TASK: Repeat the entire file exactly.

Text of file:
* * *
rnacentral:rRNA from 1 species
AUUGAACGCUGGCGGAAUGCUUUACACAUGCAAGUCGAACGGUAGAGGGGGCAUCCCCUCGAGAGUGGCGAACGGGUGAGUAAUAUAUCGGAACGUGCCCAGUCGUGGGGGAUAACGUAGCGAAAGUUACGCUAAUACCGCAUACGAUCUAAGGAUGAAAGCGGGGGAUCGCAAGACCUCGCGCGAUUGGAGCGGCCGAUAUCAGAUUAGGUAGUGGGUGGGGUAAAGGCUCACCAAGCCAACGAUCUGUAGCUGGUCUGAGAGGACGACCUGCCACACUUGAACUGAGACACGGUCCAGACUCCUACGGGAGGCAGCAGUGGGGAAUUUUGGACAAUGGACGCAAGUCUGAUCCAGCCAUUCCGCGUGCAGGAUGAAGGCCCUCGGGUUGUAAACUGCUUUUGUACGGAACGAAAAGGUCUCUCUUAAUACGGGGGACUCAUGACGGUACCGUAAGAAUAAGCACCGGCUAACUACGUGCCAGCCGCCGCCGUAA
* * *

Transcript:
rnacentral:rRNA from 1 species
AUUGAACGCUGGCGGAAUGCUUUACACAUGCAAGUCGAACGGUAGAGGGGGCAUCCCCUCGAGAGUGGCGAACGGGUGAGUAAUAUAUCGGAACGUGCCCAGUCGUGGGGGAUAACGUAGCGAAAGUUACGCUAAUACCGCAUACGAUCUAAGGAUGAAAGCGGGGGAUCGCAAGACCUCGCGCGAUUGGAGCGGCCGAUAUCAGAUUAGGUAGUGGGUGGGGUAAAGGCUCACCAAGCCAACGAUCUGUAGCUGGUCUGAGAGGACGACCUGCCACACUUGAACUGAGACACGGUCCAGACUCCUACGGGAGGCAGCAGUGGGGAAUUUUGGACAAUGGACGCAAGUCUGAUCCAGCCAUUCCGCGUGCAGGAUGAAGGCCCUCGGGUUGUAAACUGCUUUUGUACGGAACGAAAAGGUCUCUCUUAAUACGGGGGACUCAUGACGGUACCGUAAGAAUAAGCACCGGCUAACUACGUGCCAGCCGCCGCCGUAA